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Santa Rosa leaders are rethinking their approach to the homelessness crisis following a visit last week from an expert who challenged many of the assumptions underpinning local homeless efforts.

The City Council appeared to back away this week from the idea of expanding the capacity of homeless shelters in the city to instead focus on moving people out of existing shelters and into permanent housing.

“I want to move in the direction of what works and not just what feels good today,” council member John Sawyer said late Tuesday night.

The city declared a homeless emergency in August, later expanding a housing assistance program to allow community groups to establish “safe camping” programs on their properties.

The first such one has run into stiff neighborhood opposition. More recently, the council has been considering a variety of other options to increase shelter space, including installing portable buildings, expanding the footprint of Sam Jones Hall, activating the National Guard Armory, using the Santa Rosa Veterans Memorial building or renovating a former fire station on Parker Hill Road.

Sawyer and other council members, however, seemed to sour on these ideas, each of which had its own obstacles. Instead, he and others expressed support for hiring more people to help those already in the shelter system find housing. Sawyer characterized his interest as “finding success stories as opposed to warehousing people.”

That’s in line with the message of Iain De Jong, an internationally recognized advocate for the homeless, who spoke at a two-day conference on homeless solutions last month organized by the Santa Rosa Homeless Collective, a local consortium of homeless service providers and local government agencies.

De Jong argued that instead of expanding shelters, establishing encampments or allowing people to sleep in their cars, homeless services needed to do a better job of supplying permanent housing and getting people into it.

Jennielynn Holmes, director of shelter and housing for Catholic Charities of Santa Rosa, said her organization is on board with this “housing first” strategy, and now needs to adjust the way it serves the homeless to better align with those goals.

“The recommendation is we start going deeper with the people that we are serving,” Holmes said.

One way to do this would be to hire more specialized staff. Holmes said only case managers work at the city’s full 138-bed Sam Jones Hall, a ratio of 1-to-65 where when a ratio of 1-to-20 is considered ideal.

Hiring “housing navigators” with expertise in working with the real estate community or “diversion counselors” who work to keep people out of homelessness in the first place might be a more effective and less expensive model, Holmes said.

“We can do a little for a lot or a lot for a little,” Holmes told the council.

City Councilman Tom Schwedhelm, a member of the Santa Rosa Homeless Collective, supports such a less-is-more approach.

“My personal belief is we should go for the quality versus the quantity,” Schwedhelm said.

Schwedhelm said he feels the city should focus its efforts not on expanding shelters but getting people out of them, and for that reason he supported giving another $125,000 of rapid rehousing money to Catholic Charities.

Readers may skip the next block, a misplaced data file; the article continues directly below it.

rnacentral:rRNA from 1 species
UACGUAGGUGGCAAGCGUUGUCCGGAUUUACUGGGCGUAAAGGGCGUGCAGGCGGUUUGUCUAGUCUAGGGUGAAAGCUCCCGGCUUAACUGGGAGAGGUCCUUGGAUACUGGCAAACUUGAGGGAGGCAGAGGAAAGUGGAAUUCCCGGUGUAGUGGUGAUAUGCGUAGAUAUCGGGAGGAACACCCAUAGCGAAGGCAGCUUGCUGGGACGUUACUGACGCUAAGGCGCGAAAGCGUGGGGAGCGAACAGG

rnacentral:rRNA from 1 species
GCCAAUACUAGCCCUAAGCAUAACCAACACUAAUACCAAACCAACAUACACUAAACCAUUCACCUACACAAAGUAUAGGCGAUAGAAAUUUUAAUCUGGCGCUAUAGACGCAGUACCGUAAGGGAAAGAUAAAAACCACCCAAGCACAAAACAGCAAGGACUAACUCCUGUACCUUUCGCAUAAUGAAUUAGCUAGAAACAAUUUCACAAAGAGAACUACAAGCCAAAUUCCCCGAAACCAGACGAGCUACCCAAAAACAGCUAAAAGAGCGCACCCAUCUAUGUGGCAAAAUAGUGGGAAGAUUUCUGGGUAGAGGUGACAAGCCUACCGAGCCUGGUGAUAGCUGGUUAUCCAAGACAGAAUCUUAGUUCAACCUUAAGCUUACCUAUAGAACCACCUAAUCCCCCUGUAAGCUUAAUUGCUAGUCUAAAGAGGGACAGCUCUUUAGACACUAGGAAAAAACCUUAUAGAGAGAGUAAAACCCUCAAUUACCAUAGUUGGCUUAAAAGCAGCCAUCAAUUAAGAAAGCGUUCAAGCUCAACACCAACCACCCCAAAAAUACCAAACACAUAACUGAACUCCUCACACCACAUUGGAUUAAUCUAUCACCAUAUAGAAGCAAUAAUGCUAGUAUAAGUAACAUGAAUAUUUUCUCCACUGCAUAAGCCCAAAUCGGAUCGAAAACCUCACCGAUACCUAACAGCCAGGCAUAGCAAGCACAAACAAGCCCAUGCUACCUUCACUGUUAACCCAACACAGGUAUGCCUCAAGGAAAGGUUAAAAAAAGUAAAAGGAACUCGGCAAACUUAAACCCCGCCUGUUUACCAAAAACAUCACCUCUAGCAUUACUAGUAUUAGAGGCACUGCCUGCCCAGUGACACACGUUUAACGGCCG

The organization already has burned through its $200,000 annual rapid rehousing budget, which is used to pay housing expenses such as rent and security deposits, put the homeless in lodging or buy them bus tickets home.

Schwedhelm also asked whether the city should consider ending the homeless emergency, not because homelessness is no longer a problem, but because city staff has to ask the City Council every month for reauthorization.

He said he wanted the city to have a “laser-focus on ending homelessness versus just managing it.”

The council unanimously approved extending the homeless emergency declaration for another month.

Not everyone is so keen to pull back from shelter expansions.

Councilwoman Julie Combs said she fully supports rehousing people but is worried her colleagues were taking an “either-or” approach when both short-term shelter and long-term housing options were still desperately needed.

“The goal from my point of view of our (Community Housing Assistance Program) and our homeless emergency was to find space for folks to be safe until we got our act together,” Combs said. “I hear that we’re getting our act together, but I hope that we aren’t abandoning the concepts of providing people with safe places to sleep until they are in housing.”

Mayor Chris Coursey was concerned the array of committees, government agencies, service providers and advocacy groups trying to address homelessness was confusing to the public and to him.

“I sometimes wonder who’s the dog and who’s the tail, and who’s wagging whom,” Coursey said.

He said he was also concerned about the “disconnect” on the council over its homeless strategy, and wondered whether scrapping the three-member subcommittee — made up of Combs, Schwedhelm and Ernesto Olivares — would help the council come together.

For these reasons, he said the council needed to do some soul-searching.

“I would like to take a deep breath and have us all talk about what we’re doing and where we’re going,” he said.

You can reach Staff Writer Kevin McCallum at 707-521-5207 or kevin.mccallum@pressdemocrat.com. On Twitter @srcitybeat.

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